In the last newsletter, we touched on native gardens. They’re so special, they deserve to have more of their incredible story told. These gardens that have plants that take a woody form (trees and bushes) or herbaceous form (flowers), are vital to the local ecosystem. The Met, because it believes in doing good things, will have what many gardeners strive for: an ecologically conscious garden.
Native gardens are part of the circle of life. They support an environmental web, where plants and creatures depend upon one another, none of them crowding the other out, but supporting each other. It really is a metaphor for our existence, isn’t it? All of us chipping in to sustain one another.
First, native plants help us humans because of their hardy nature. They’re perennial, meaning they’ll return year after year. This is good value! They also require little care. Once established, they require only water from rainfall—no fertilizer, no soil amendments and no pesticides, which are so lousy for the environment—and us.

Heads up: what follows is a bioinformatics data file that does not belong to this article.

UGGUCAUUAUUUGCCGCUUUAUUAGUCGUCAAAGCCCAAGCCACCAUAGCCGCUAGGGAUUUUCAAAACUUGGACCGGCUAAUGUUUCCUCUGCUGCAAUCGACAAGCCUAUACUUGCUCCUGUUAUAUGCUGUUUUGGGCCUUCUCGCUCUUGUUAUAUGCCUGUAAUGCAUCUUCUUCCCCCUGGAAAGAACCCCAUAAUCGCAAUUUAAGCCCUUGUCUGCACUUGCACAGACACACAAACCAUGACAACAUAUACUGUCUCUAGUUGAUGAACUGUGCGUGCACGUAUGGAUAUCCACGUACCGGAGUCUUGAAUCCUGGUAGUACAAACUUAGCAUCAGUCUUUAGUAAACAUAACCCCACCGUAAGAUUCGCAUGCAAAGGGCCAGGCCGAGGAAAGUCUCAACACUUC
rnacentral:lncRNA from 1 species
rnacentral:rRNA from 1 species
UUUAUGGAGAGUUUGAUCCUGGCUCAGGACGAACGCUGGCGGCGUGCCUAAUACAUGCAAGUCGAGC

Second, they support local wildlife. They offer more benefit in terms of shelter, nesting materials, nectar, pollen and seeds than non-native plants. The birds, bees and butterflies will thank us! Did you know that there are particular creatures that require one very specific food to live? For instance, the monarch butterfly needs milkweed for their larvae to survive. Without milkweed there would be no monarch butterflies. Of course, we’ll have milkweed in our garden! We’ll plant things that sustain the living things in our local region.
Third, we won’t have to disturb the soil, once we’re done planting. This is critical for the ecosystem that lives beneath the ground. Did you know that there are solitary bees, that would never hurt us, that live in cavities under the soil instead of in hives? These soil-dwelling bees are responsible for one-third of pollination!
Finally, native plants aren’t invasive, so they won’t overtake any of the other plants that naturally grow in this region. If plants are brought from elsewhere they can become invasive, crowding out native growth and deeply damaging our ecosystem.
So, there you have it: Growing native plants is one of the best things we can do for the environment—one garden at a time.